For the Presidency of the World Bank (site).
Differing from the International Monetary Fund, the World Bank is often associated with matters of economic development – especially with regards to poverty reduction. Throughout its existence, it has received both flak and praises on an entire array of issues. One of thorny issues is the implicit agreement that the person running this institution “must” be an American – or at least backed by the United States. There has been a growing clamor for the selection process to be a little more inclusive, meritocratic and transparent. In a world where the developing nations are taking a larger burden in shaping the world’s agenda, it makes sense that they should at least have a shot at the top job. After all, they are still the major recipients of this institution’s work.
I don’t understand the politics behind Malaysia’s endorsement of Jeffrey Sachs, considering the candidate isn’t even the official choice of the United States (at least not yet) nor has he received many nominations himself. As of now, only three other nations have endorsed him: Kenya, Timor-Leste and Jordan (correct me if I missed any.) I would have expected Malaysia to go for Indonesia’s former Finance Minister, Sri Mulyani, who I personally think is a rather deserving candidate herself. There is an interesting site to visit if you’re interested in the ongoing race for the Presidency of the World Bank: World Bank President.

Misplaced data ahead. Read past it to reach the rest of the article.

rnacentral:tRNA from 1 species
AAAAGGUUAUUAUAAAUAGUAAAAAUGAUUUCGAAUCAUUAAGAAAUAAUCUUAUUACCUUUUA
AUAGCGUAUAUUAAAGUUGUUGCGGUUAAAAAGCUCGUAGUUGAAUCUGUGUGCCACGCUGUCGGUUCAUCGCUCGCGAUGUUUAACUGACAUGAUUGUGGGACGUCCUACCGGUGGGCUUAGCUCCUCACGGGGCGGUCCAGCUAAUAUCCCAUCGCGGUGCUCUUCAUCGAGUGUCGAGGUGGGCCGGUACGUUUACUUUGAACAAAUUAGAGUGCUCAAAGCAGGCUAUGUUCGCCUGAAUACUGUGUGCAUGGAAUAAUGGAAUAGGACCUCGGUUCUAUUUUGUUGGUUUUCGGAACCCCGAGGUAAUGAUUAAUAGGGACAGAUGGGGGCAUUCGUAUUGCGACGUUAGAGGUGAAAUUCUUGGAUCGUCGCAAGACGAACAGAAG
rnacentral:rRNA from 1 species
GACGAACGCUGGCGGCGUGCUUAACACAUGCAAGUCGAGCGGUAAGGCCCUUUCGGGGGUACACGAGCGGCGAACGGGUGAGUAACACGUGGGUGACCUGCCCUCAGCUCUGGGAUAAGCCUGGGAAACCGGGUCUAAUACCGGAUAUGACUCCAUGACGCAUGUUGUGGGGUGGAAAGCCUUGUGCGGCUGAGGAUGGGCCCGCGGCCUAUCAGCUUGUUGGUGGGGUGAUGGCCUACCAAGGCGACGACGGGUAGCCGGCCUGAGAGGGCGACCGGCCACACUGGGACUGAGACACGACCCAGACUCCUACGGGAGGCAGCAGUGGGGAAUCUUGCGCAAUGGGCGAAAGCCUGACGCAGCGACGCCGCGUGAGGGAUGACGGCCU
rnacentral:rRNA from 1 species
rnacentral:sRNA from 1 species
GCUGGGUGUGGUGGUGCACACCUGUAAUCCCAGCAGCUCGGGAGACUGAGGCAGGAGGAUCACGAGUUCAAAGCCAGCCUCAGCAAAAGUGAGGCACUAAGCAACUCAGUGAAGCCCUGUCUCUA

There are no qualms as to whether Jeffrey Sachs is qualified for the job – he is, though whether he’s the right person is an entirely different question altogether. It’s just that on a cursory glance, both the World Bank and the IMF face a growing challenge of legitimacy. Institutions of their sizes cannot claim to be the stalwart of the global interests if a majority of their clients feel that they have very little say on how things are run. Perspective and expectations matter in economic policy.
I would have opted for Lula (former President of Brazil) or Mulyani. Just because I think it’s time to have a breath of fresh air. That’s only my opinion.
After all, who listens to a low-fat-ketupat anyway? 🙂